By Megan Schuller
Fall 2016 Roosevelt graduates walked across the Auditorium stage on Commencement day, but there was one student missing. Ashanti McCall’s spot in line was not empty however. In her place, was her younger brother Jaden Dupaty who received her diploma wearing her cap, gown, and BSU stole as Ashanti’s picture flashed on a projected screen above the graduating class on Dec. 16.
McCall died suddenly on Dec. 7, a week before she was going to walk across the stage herself. McCall’s friends and family said she had health issues over Thanksgiving break, but felt better and completed her school work and requirements to graduate before she passed away due to unknown causes.
McCall received a bachelor’s degree in Psychology and a minor in journalism.
Jazmine Terrell- Harley, who’s been friends with Ashanti since 2012, said graduation was something that she and Ashanti been looking forward to since last year.
“After the passing of Ashanti, graduation was a very bittersweet day [and] moment. I was looking forward to us hugging each other and finally being able to say we made it,” Terrell- Harley said. “Honestly, it was hard to graduate without Ashanti. I felt uneasy and weird walking across the stage because that was something that we were going to accomplish together.”
Maiya Shackelford, senior IMC major and Black Student Union’s director of programming, recalls McCall’s involvement with BSU as their president as someone who led by example.
“Her dedication to our organization BSU made me extremely proud. When something wasn’t able to get done, she would do it. If someone needed help she would be there. If someone needed to speak, she would be there. When it was time to be hands off, she would let you do all of it,” Shackelford said.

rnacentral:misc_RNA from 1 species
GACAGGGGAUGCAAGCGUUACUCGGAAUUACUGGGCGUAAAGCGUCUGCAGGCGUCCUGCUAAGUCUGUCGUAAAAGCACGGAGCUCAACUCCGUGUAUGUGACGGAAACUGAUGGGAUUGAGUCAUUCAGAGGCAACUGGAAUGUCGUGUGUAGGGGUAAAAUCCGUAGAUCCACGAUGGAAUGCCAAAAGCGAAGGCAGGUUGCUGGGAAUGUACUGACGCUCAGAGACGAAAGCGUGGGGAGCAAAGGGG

Shackelford said that McCall would send members messages telling them how much their work was appreciated.
“She’s very genuine, very brilliant. A smart young lady. She’s definitely a role model. Even though I was older than her, I always admired her for her strength and her wisdom that she imparted on us,” Shackelford said.
Shackelford said that McCall’s passion, activism and inner beauty is something she admires a lot. McCall inspired her and when Shackelford graduates it’s going to be in memory of her.
“When I get my masters in journalism and I walk across that stage, I’ll be walking for her,” Shackelford said. “ Every accomplishment in regards to school, I’ll be doing for her because she’s not physically here to do it. I feel that if I can carry her with me that will be my contribution to her legacy. I love and miss her, and am grateful to have known her as a person.”
In May, McCall won Roosevelt University’s Matthew Freeman Social Justice Award for her work as a peer mentor in the Academic Success Center and commitment to social justice. According to Associate Director of the Academic Success Center, Daniel Smith, McCall’s dedication was apparent in how she cared for people and in the hours she put in helping others before doing her own work.
Nancy Litke, director of the academic success center, knew McCall since Ashanti came to Roosevelt and said she embodies what Roosevelt was about.